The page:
Prevent critical information from being lost when performing desktop and laptop migration.

 

While many tools, systems and applications are available to ease the process of moving a user’s information, settings, files, programs and critical elements from one computer to the next, they really don’t address all user requirements. These 10 steps can help properly migrate laptops and desktops to ensure no information is left behind.

1) Use a Checklist

Checklists ensure critical information isn’t forgotten in an environment full of distractions. Clients will want to talk about more than just configuring DNS or migrating from an old to new computer. It’s important to engage with them on day’s topics, but in order to prevent high demand tasks from being forgotten, checklists keep you on track through every interruption.

2) Plan installation media beforehand

After learning you’ll be migrating a user’s settings or data, request that they save all original installation media as far in advance as possible. This includes application DVDs, Microsoft Office CD-ROMs, etc. Without installation media on hand, migration can take an entire day as you work to track down old and outdated installation files.

3) Inspect network configuration

A common mistake in client migration is assuming all systems tap DHCP services on the network. Some users still use DVRs, PCAnywhere and other applications and equipment that requires static IP address configuration. In some cases, computers have manually configured DNS addresses, but always check a computer’s IP settings before replacing it.

4) Operate a software inventory

Before beginning a task to migrate user settings, information and data, perform an inventory of installed software on the old machine. Use free tools or review a client’s desktop, start menu or quick launch tool bar for commonly used applications. After compiling a list, check with the user to make sure you know every program that needs to be reinstalled on the new computer.

5) Compile license keys in advance

Registration codes and license and product keys are a must for software inventory and installation media. Ensure you or your clients have the necessary documentation when you begin a client migration or you’ll lose hours searching for necessary licensing information.

6) Re-map network drives

Users become dependent on mapped drives. Unless drive mappings are replicated on new systems, applications, backups and other programs, they will not work properly. Users may not know that clicks connect to different systems, so be sure to remap all network drives to prevent user frustration.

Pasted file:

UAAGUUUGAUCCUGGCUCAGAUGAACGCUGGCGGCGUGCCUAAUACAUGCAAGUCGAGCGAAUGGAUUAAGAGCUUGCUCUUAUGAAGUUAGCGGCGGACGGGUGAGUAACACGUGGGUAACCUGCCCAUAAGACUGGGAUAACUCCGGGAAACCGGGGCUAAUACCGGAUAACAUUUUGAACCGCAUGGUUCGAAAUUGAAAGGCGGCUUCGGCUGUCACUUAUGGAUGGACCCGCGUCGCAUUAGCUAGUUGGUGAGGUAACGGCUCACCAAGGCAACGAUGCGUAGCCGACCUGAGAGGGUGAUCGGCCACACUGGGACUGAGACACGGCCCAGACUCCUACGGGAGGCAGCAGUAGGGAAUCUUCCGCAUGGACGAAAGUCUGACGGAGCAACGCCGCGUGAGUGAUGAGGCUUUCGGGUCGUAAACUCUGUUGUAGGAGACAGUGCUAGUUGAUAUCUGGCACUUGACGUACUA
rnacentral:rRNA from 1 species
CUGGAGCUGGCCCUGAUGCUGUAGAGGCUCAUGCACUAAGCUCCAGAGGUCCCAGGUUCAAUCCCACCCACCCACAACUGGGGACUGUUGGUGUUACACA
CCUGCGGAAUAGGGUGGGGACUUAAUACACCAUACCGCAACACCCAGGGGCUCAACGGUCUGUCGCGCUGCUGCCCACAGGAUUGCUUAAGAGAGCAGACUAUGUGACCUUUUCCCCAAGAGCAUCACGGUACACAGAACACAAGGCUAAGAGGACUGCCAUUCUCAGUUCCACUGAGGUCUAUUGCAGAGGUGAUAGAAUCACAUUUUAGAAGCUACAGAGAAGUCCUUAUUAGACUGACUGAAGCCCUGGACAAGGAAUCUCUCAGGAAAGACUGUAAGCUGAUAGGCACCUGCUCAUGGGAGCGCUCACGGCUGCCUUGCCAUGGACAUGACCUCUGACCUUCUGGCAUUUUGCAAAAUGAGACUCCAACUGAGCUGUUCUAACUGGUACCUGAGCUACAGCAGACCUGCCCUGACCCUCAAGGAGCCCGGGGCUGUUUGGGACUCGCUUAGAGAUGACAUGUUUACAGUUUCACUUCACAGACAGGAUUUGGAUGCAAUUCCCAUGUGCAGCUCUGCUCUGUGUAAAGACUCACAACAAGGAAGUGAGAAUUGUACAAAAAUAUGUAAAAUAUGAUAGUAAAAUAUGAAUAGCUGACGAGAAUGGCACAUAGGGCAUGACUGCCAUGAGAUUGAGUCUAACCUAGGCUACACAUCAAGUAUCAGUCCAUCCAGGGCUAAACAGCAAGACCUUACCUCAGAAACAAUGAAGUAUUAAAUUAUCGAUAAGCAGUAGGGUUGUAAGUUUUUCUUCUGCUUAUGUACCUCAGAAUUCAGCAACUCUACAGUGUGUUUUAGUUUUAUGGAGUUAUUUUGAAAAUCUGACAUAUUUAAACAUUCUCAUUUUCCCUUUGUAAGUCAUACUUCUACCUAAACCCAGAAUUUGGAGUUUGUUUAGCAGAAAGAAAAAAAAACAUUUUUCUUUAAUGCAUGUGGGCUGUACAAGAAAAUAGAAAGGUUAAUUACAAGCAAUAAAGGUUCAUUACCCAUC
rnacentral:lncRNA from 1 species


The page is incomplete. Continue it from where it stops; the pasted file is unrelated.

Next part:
7) Record all printers in use

One of the most common callback causes is forgotten printers. It isn’t wise to assume that just because you installed all printers in a client’s office that you’ve connected all the printers the client requires. Users must print to printers on different floors and different departments frequently. Which configuring printers on new machines, be sure to identify proper default devices.

8) Install needed third-party utilities

Users may not understand that free, popular third-party programs like Adobe Reader or Apple QuickTime  are needed in order for some files to work properly. Be sure to include popular third-party utilities in your migration checklist.

9) Note computer, work group and domain names

Best business practices won’t apply in every organization. On many occasions clients will use nonstandard computers, work groups and domain name conventions. Review a computer’s name, domain configuration and work group before beginning client migration. It’s very important, as files or printers share by a system that is being replaced won’t be accessible to other users if the same configuration is not replicated properly.

10) Never forget the .NK2 file

The most understandable annoyance users might possibly have when switching computer is the loss of autofill information in Microsoft Outlook. Users usually don’t add everyone to their contact list frequently, so many email addresses are lost if Outlooks .NK2 file isn’t migrated in their new device. The .NK2 file must be migrated back to the same location and the file name must match the Outlook profile name in order for it to work properly on the new system.